Maximize Your Lunchtime Walk

30-Minute Walking Workouts

Coworkers walking outside
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Make the most of your lunch break by taking a walk. In just 30 minutes of walking, you can cover from 1.5 to 2 miles (or 2 to 4 kilometers). You can burn as many as 200 calories, depending on how far and fast you walk and your weight. You can boost your mood for the rest of the day, and still have time for a nutritious meal.

Health authorities including the CDC recommend at least 150 minutes per week of moderate-intensity exercise such as brisk walking. If you enjoy a brisk walk during your lunch break most days of the week, you will have achieved the minimum requirement to help combat the health risks of inactivity and obesity. You should aim for at least 10 consecutive minutes of walking at a brisk pace to count towards your weekly total.

A 2015 study found many mental health benefits for a 30-minute walking lunch. Workers had increased enthusiasm, felt more relaxed, and were less nervous after walking at lunchtime. They also improved their physical fitness and other measures of health.

Plan for Your Walking Lunch

Set yourself up for success before you start walking with just a few preparations.

Find a Route

You can use a treadmill, walk indoors (in your workplace or a nearby gym or shopping mall), or walk outdoors. Outside, select a route that has fewer street crossings and stops for traffic. If you know how much distance you can walk in 30 minutes, you can map out a circular route. If not, you may want a shorter route that you can repeat multiple times.

Bring Athletic Shoes

You could walk in whatever footwear you happen to wear to work or school. But to get a good brisk walking stride, it's best to change into athletic walking shoes or running shoes. Depending on the weather, you may feel more comfortable changing into shorts and a T-shirt, or you may need a jacket and hat.

Pack a Lunch

Most people prefer to exercise first and have their meal after they finish. If you are very hungry by lunchtime, quiet your hunger by drinking a glass of water, or having a light snack such as a hard-boiled egg or a piece of fruit. A healthy lunch after your walk will nourish your muscles so they can recover and grow stronger.

Invite Others to Join You

Solo walking is great, but you may be more consistent in walking if you have a lunchtime walking buddy. You won't find as many excuses to skip your walk if your friend is ready to get going.

Sample Lunchtime Walking Workout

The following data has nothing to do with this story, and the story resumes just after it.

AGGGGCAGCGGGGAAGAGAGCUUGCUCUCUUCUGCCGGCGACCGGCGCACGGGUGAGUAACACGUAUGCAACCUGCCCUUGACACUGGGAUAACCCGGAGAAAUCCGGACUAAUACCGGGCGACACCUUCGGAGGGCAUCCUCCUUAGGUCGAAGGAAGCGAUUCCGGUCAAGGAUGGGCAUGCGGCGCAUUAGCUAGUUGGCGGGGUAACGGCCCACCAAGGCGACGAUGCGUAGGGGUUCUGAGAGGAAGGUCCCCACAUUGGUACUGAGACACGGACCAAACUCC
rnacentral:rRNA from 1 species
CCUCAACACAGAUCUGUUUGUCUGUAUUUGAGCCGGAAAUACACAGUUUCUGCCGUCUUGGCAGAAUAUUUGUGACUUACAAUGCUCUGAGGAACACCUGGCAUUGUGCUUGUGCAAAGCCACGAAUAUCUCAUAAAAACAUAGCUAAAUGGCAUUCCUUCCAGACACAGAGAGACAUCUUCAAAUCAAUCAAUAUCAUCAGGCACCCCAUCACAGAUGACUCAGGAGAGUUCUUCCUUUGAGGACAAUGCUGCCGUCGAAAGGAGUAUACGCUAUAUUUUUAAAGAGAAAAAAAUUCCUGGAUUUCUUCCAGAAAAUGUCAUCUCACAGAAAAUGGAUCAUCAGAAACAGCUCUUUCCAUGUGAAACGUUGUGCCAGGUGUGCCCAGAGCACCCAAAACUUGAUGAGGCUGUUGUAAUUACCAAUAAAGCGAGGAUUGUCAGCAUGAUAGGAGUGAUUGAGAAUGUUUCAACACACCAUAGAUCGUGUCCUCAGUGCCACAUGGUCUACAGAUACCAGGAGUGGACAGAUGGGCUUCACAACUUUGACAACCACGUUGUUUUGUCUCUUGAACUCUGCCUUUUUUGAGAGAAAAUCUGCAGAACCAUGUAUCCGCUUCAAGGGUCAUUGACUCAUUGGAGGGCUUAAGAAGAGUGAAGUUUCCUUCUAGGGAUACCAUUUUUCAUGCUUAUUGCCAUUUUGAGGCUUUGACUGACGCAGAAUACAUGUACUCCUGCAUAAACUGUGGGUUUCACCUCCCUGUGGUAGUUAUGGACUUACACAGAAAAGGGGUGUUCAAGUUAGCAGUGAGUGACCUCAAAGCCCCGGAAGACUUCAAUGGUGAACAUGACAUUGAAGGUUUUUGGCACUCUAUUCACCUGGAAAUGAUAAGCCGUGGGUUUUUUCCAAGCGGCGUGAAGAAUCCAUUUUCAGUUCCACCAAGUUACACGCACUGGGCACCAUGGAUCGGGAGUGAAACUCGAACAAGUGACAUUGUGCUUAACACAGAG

Start with a warm-up: an easy walking pace for one to three minutes. Use this time to shake out the kinks if you have been sitting or standing all morning.

Set yourself up for good walking posture. Energize your walking by relaxing and loosening your shoulders and standing upright, with stomach sucked in and pelvis tilted slightly forward. You want your chin up and eyes forward.

You can go through a short stretching routine after a couple of minutes of walking. But you can also save the stretching to do after your walk or as its own exercise activity at another time.

Steady State Brisk Walk

Now, walk at a brisk pace for 10 to 25 minutes, leaving time for a one- to three-minute cool-down at an easy pace.

Aim for a heart rate of 50 to 70 percent of your maximum heart rate. Use a heart rate chart to find your numbers and take your pulse after 10 minutes of walking to check it. If you wear an activity monitor that has heart rate detection, it may give you these numbers automatically. Learn to know what this range feels like—you will be breathing heavier than normal, but still able to talk.

If you find you aren't getting your heart rate into the moderate-intensity zone, you will need to pick up the pace. An easy tip to walk faster is to add arm motion.

Some days you will want to take it easier. You can spend the full 30 minutes walking at an easy pace. Concentrate on good posture and taking full, complete breaths.

Add Intervals for Intensity

Adding bouts of speedwalking or stair climbing can boost the calorie burn of your walking workout. These are easiest to do on a treadmill, a track, or a route you have previously mapped out. After your warm-up at an easy pace, walk as fast as you can for 30 seconds. Then slow to a brisk pace for two minutes. Repeat three to four times, leaving time for a cool down. If you prefer to use stairs for intensity, use a set of stairs you can complete in 30 seconds (about two to three flights).

Change up your walk from day to day to prevent boredom and to keep challenging your body in different ways. Alternate steady state days with interval days. If you always use a treadmill, mix it up with walking the corridors of your workplace or walking outside.

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